/ Mar 14, 2006
Moderate Muslims in America frequently claim to feel disagreement and disassociation with the extremists in the Middle East and Europe. Clearly, it is a time of strong division in the Islamic community.
This interreligious disagreement is not unlike those experienced by the other major Abrahamic traditions throughout history.
The fundamental difference, however, lies in the current inaction and silence of the general Muslim community.
Until now, one could argue that this community is simply unrepresented or unable to act, but when looking at the recent outcry against the Danish political cartoon, it's clear that Muslims around the world are quite willing to become vocal - and even violent - against something they disagree with.
This brings into question how these so-called "moderate" Muslims truly feel about the atrocities committed regularly in the name of their faith. Instead of yelling about global acts of terrorism, oppressive dictatorships and the sexist, racist manipulation of the Quran by their leaders throughout the world, Muslims in the United States have united to fight against a handful of cartoons and, in doing so, the very core upon which this country stands: freedom of speech.
I recently read Muslim students at USC expressing their personal anger inspired by the now-infamous Danish political cartoons in the pages of the Daily Trojan. Students, including former president of Muslim Student Union Ahmed Darwish and junior Farah Tamer, expressed agreement and solidarity for the global Muslim anger over the cartoon.
Darwish said of the 1 billion "upset" Muslims in the world that the media has chosen only to depict the "20, 50 or 100 people turning their anger into violence," creating a skewed representation of Muslim behavior.
Unfortunately, the burning of the Norwegian and Danish embassies in Syria and Lebanon, the attacking of police and death of a teenage boy in Somalia, the pelting of Petrol bombs at the Danish embassy in Iran, the chaotic protest-turned-riot in India, the stomping on Denmark's flag in Thailand, the attempted storming of the European Union office in Gaza, the mobs shouting death to Denmark and death to France at murderous protests in Afghanistan, the anti-American protest at the uninvolved U.S. airbase in Bagram and the protest at UC Irvine that required physical police intervention prove that violent responses are not as rare as Darwish believes.
Furthermore, Darwish mirrors Muslims across the country who claim the cartoon is blasphemous and unacceptable.
"When it comes to religion, you have to respect people. In Saudi Arabia, he'd be dead; that's blasphemy," Tamer was quoted as saying.
What Tamer, Darwish and the Muslims of this country fail to understand, however, is that this is not Saudi Arabia. This is the United States of America and a fundamental right of this country is the freedom to speak, write and even draw what you want, regardless of the opinions, beliefs and religions of others.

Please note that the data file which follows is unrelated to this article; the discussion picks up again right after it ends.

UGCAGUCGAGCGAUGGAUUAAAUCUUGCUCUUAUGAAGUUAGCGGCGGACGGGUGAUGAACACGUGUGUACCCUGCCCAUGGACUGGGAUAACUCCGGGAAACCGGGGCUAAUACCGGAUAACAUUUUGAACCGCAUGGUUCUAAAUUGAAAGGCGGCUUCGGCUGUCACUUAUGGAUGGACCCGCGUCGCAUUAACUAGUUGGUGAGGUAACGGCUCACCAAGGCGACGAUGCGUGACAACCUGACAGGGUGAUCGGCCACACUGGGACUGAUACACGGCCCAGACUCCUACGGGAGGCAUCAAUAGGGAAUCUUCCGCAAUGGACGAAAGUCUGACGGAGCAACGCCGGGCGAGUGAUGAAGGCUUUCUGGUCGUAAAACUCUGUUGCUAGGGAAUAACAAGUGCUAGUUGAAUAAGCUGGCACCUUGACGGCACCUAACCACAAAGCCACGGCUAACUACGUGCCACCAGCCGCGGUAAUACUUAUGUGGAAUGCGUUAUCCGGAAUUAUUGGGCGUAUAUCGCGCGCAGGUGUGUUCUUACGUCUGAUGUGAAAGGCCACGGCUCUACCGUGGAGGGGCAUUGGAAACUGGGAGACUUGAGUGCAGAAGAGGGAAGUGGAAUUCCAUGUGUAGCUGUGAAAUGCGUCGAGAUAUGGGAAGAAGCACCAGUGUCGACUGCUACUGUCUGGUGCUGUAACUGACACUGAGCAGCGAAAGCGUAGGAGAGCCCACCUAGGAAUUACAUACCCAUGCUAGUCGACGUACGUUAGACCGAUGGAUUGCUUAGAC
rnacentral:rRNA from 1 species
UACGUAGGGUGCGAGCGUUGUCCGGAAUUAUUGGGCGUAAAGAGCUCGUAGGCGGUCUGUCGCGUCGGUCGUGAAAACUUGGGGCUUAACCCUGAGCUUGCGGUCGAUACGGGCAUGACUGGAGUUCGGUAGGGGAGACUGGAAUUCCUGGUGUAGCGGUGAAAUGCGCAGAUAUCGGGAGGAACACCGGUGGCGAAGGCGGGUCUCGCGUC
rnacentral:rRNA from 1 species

Not only has the Muslim reaction caused violence and challenged the foundation of this country, but it also has overlooked the relevance and poignancy of the cartoon's message. Tamer said that the cartoons are "stereotyping Muslims, saying (they're) all a bunch of potential terrorists."
But instead of simply brushing off the cartoon as outlandish and nonsensical, perhaps Muslims should have taken a closer look at what the cartoon was saying and why. Muslims should have seized the chance to absorb the full impact of recent actions - from embassy burnings in Tehran to train bombings in London - committed in the name of Allah.
The cartoonist's portrayal of Muhammad serves as a reflection of a reality-inflicted image of Islam, a religion with prominent sects desperately in need of reform, a religion bitterly divided with followers in this country and around the world expressing disapproval of the hateful actions of its most radical constituency.
This type of interreligious division is nothing new in history. In the 11th century, disputes over Christian liturgy led to the Great Schism, during which the religion was divided in two. Again, in the 16th century, Catholic disagreement with the behavior and actions of their leadership led to the breaking away of thousands of Catholics, known as the Protestant Reformation. In the 19th century, Jews who disagreed with the ancient and strict practice of their religious laws restructured and adapted Judaism for their modern world, forming Reform and then Conservative Judaism.
It is now time for misrepresented Muslims to take a stand against a religion that they claim no longer defines them.
There must be as much sheer uproar from these Muslims after the next homicide bombing in Israel and after the next honor killing in Syria as there is about the Danish cartoon.
Until such a union surfaces, Muslims, because of their own inaction, will be connected with their extremist brothers.
There are intelligent, peace-loving and moral Muslims. This is their time to act, both in the name of peace and in the name of Islam.
Published 3/7/06 in the Daily Trojan, The Student Newspaper of the University of Southern California:
With special permission from the author.
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